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Go slow phasing out gas generation, IESO report suggests

DCN-JOC News Services
Go slow phasing out gas generation, IESO report suggests

TORONTO — Ontario’s Independent Electricity System Operator (IESO) has released a study suggesting that phasing out gas generation by 2030 would result in blackouts and hinder electrification, but could be considered given more time and planning.

The report says Ontario’s economy is well set up for decarbonization, but it will be necessary to rely on existing gas generators for a number of years to support wide-scale emissions reductions.

“Ontario’s electricity system is 94-per-cent emissions-free as a result of the phase-out of coal generation seven years ago,” said Lesley Gallinger, IESO president and CEO, in a statement. “This gives us a real advantage when it comes to electrification – our system offers an immediate and cost-effective approach to emissions reduction from other sectors in the economy.”

The study examined the question posed by 31 Ontario municipal councils calling for the complete phase-out of natural gas generation in the province by 2030. It provides analysis of the current importance of natural gas, noting that over the next decade the province faces growing demand for electricity. 

Report findings include:

  • The complete phase-out of gas generation by 2030 would lead to blackouts as electricity would not always be available where and when needed. Gas generation currently plays an important role as it is almost always available, responding quickly to changes in consumption and balancing variable output from wind and solar generation.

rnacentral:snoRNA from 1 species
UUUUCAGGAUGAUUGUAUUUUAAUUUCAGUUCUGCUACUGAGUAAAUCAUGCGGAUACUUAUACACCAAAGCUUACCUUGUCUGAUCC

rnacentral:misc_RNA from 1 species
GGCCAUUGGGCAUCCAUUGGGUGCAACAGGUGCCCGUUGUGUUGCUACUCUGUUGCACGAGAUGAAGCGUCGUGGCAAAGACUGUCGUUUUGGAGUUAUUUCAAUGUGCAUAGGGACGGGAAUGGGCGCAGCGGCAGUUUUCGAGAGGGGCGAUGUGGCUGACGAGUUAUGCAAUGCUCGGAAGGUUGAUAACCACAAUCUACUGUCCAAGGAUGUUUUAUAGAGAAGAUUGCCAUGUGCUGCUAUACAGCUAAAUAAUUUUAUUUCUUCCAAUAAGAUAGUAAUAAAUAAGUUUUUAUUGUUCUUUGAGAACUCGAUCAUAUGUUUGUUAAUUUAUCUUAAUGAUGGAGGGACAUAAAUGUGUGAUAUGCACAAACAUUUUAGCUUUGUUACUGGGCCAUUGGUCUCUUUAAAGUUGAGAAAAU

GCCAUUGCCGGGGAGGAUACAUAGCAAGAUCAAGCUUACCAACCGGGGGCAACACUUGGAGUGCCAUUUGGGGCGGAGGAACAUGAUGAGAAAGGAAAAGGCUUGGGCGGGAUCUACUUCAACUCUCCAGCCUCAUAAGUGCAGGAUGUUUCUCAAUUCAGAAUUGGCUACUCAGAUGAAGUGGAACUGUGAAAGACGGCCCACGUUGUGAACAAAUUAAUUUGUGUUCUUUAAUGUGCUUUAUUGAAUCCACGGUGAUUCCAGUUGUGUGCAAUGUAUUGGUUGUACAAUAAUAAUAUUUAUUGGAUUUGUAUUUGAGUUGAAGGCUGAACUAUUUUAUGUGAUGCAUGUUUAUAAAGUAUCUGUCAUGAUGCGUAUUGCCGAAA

• Replacing gas would mean relying on newer forms of supply such as storage, small modular reactors and demand response, which are not yet proven in Ontario at the scale they would be needed. Nor is there sufficient people, capital and equipment to build the necessary replacement infrastructure by 2030.
  • At an accelerated timeline, the phase-out would cost more than $27 billion to install new sources of supply and upgrade transmission infrastructure. This translates into a 60 per cent or $100 increase on the average monthly residential bill.

“As the organization responsible for reliability of the grid, we are taking steps to ensure that it can support wide-scale electrification,” said Gallinger. “But we can’t do this in isolation. We will be working with the electricity sector, as well as businesses, universities, municipalities and other organizations in the electrification space, to determine how we can best support efforts to meet provincial emissions targets.”

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